The defining element of suffering is that it happens for a reason. In my play, the deeper reason is often the enjoyment of the dominant and the relationship it creates within the session. So the suffering is a display of submission, something that quickly becomes provocative in our western society where submission is the opposite of independence and we strive continually to be independent. So independent, in fact, that also ends up very lonely. Of course, we can still be dependent without submitting to or suffering for someone, but submission and suffering are essential aspects of sadomasochistic play because it grants access to a part of ourselves that we usually don’t want to see. The key is always consent and freely choosing the time, the partner and the reason to suffer. It is empowering to suffer for a worthy cause.

My experience is also that humans are built to suffer when there is a good reason. The body generally releases endorphins that make us feel good when we accept pain which is non-threatening. When the fear of our self-doubts no longer haunts us, but we get confronted with it and have it proven false, we cry and feel better. The opposite is hiding from our suffering, which makes us tense up and build a protective wall that isolates us from the world. Once, a man in one of my retreats shared that when he was tied in a very exposed way, it made him feel extremely ashamed. But for the first time in his life, he had been seen in his shame instead of hiding it away. For him, this was profoundly healing.

Suffering Is Selfish

A key to understanding suffering is remembering that usually, pain and shame are experienced for our own benefit, with the focus squarely on ourselves. However, we take it one step further when we go into suffering for another person. We can make that person the reason that we suffer. This is when it touches upon devotion.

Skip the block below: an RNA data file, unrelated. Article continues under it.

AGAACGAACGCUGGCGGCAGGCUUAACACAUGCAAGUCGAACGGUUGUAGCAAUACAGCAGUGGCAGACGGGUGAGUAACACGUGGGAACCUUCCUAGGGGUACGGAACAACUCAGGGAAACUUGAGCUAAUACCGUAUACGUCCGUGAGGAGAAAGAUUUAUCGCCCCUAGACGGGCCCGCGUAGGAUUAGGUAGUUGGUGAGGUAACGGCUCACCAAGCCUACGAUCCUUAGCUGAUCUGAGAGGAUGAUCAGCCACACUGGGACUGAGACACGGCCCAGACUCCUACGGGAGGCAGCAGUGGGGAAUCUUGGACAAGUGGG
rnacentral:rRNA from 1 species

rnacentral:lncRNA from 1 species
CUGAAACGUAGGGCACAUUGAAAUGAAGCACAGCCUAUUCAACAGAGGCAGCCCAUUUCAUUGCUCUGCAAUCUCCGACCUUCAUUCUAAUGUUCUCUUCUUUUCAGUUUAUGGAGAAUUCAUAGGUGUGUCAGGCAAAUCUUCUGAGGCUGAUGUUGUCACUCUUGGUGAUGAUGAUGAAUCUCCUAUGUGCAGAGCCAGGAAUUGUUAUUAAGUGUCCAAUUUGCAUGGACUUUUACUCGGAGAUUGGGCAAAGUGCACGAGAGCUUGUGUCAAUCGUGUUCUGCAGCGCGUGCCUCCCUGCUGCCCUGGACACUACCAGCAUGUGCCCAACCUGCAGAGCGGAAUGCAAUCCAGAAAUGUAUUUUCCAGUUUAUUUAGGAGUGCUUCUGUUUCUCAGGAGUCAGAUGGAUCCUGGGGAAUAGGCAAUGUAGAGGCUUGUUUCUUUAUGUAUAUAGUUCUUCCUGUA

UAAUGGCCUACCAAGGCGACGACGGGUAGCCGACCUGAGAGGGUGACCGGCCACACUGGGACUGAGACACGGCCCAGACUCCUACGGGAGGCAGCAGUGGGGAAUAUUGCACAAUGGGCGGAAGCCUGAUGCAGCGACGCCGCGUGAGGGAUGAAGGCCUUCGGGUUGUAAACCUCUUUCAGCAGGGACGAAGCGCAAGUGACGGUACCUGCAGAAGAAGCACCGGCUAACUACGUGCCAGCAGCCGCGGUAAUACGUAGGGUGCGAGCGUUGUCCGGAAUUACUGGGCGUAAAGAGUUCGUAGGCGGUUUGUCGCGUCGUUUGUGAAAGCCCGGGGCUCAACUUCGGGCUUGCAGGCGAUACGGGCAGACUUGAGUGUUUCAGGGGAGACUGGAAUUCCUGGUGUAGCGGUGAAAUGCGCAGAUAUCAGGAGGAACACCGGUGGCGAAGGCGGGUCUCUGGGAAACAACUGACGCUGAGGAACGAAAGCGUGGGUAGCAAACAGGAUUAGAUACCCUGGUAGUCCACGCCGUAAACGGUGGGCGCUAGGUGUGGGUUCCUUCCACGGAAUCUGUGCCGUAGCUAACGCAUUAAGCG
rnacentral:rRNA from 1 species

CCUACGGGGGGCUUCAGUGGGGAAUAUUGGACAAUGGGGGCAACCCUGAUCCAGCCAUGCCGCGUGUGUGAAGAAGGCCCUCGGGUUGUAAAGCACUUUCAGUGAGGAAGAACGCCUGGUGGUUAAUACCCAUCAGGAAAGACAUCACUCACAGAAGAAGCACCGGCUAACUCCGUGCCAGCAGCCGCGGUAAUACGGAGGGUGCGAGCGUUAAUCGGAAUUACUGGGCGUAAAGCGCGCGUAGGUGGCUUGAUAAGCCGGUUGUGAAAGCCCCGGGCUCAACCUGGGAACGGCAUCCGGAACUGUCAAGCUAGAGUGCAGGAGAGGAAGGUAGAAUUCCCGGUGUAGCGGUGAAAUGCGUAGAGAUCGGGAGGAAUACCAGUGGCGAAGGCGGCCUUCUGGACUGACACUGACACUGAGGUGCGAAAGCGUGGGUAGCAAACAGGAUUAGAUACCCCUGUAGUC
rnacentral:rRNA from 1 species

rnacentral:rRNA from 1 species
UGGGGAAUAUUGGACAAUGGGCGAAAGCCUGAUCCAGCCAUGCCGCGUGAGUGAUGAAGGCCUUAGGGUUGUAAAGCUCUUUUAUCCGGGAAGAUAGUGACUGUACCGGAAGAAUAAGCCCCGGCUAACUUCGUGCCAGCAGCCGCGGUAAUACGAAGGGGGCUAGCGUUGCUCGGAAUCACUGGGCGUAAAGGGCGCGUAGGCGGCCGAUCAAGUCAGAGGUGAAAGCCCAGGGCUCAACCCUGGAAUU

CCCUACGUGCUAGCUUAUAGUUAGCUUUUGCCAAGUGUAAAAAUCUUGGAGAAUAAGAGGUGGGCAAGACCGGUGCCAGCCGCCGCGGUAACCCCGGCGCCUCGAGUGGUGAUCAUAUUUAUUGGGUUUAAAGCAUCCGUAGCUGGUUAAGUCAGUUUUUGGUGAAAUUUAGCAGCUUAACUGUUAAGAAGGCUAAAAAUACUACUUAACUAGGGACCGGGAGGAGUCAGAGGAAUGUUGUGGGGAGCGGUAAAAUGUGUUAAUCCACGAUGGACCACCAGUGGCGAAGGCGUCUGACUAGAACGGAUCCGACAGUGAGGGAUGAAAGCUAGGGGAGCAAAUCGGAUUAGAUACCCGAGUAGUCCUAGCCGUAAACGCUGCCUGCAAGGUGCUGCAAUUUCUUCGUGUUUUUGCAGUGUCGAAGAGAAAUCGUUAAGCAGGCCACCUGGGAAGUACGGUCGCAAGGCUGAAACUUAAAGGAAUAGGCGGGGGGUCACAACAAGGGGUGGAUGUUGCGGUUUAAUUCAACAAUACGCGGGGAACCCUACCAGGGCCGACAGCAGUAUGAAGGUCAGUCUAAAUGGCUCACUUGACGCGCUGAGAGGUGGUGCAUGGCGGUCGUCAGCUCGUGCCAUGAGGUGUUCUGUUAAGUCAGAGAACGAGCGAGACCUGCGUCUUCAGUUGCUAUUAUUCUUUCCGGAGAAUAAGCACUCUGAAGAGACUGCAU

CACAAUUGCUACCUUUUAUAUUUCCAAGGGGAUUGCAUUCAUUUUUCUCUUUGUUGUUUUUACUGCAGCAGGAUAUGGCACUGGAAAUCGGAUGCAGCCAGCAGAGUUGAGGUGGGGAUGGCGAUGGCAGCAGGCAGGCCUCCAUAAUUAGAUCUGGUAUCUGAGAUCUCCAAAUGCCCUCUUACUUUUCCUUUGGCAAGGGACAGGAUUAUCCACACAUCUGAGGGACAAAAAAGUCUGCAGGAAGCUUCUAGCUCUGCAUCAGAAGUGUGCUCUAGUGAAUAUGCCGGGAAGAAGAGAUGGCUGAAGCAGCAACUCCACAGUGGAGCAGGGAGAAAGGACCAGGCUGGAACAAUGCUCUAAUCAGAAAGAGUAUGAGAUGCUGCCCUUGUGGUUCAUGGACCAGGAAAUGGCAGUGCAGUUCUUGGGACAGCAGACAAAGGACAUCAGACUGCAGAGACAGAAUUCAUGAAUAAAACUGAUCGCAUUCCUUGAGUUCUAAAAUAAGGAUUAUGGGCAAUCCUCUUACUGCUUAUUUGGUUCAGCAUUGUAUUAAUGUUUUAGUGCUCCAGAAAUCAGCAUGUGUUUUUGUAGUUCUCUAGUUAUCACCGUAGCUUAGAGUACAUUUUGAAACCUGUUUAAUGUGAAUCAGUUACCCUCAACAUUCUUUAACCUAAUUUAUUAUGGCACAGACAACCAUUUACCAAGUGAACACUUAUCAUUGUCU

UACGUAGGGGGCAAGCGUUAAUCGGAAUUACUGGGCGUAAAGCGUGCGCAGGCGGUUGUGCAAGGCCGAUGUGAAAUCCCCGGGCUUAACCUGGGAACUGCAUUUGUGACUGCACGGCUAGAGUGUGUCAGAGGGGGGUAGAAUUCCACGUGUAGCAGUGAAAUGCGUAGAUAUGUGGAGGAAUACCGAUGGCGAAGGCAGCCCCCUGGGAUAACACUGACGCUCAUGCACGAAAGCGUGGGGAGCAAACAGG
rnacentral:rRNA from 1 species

For example, when people come to me for private sessions, they often ask, ‘Is it going to be painful?’ Instead of naming the level of pain it is going to be, I prefer to answer with another question: ‘What is your reason for being here?’ For it is ‘we’ not ‘I’ who choose for it to be painful or not if we wish to explore suffering.

I’m also curious about how we agree to go on this journey, to make an effort for suffering, vulnerability and devotion. I tie weekly with two to three people, and we are committed to knowing that this is what we want. But with strangers, the ones I meet randomly at festivals, parties and on travels, somehow they can be fully willing to create this kind of space of suffering together – even without putting any of it into words during the flirting, consent and after-talk phases. This has to do with chemistry, with what cannot be rationally described, with a longing that existed in each of us long before we even met and which drew us together. I’ve been to so many parties where most people are running around trying to make time to tie with as many people as possible, while I have been sitting, often alone, waiting for the stranger to sit next to me. It almost always works. I don’t know why. That is also a part of the mystery that I love.

Suffering For Another

For me the most important aspect is emphatically partaking in the suffering that they invite me into, to see and sense what is happening for and in them. One of my partners likes to tease me by saying that she will develop a poker face. I really hope she doesn’t. I revel in the intensity of her feelings, in the attention to the details of all the delicate emotional nuances. Her scream is enjoyable, but the slow, winding road leading up to it is even more delicious. Together we intend to build that bubble, shutting the world outside off and devoting ourselves to this practice. Some call it kinbaku or Japanese rope bondage, and sure, it is that. But it’s also the most delicate fabric of human interaction. It is complete attention to what is. There is an effort to go here, and I can’t do it alone, and I can’t force someone along. The journey into suffering is one that we make together.

So what is my responsibility in this co-creation? To not make fucked up ties? Sure, that is important, but it comes pretty low on the priority list. My primary responsibility is to provide the overall narrative, focused on my pleasure, in the broadest sense of the word. It can be anything from my perverted desires to my asshole/innocent sadistic tendencies or the aesthetic dedication to a ritual. They have to be curious about me, which is essential because it gives them a reason to suffer physically and emotionally. Rope bondage needn’t be about suffering, but it is the biggest motivation that keeps me going in my private practice.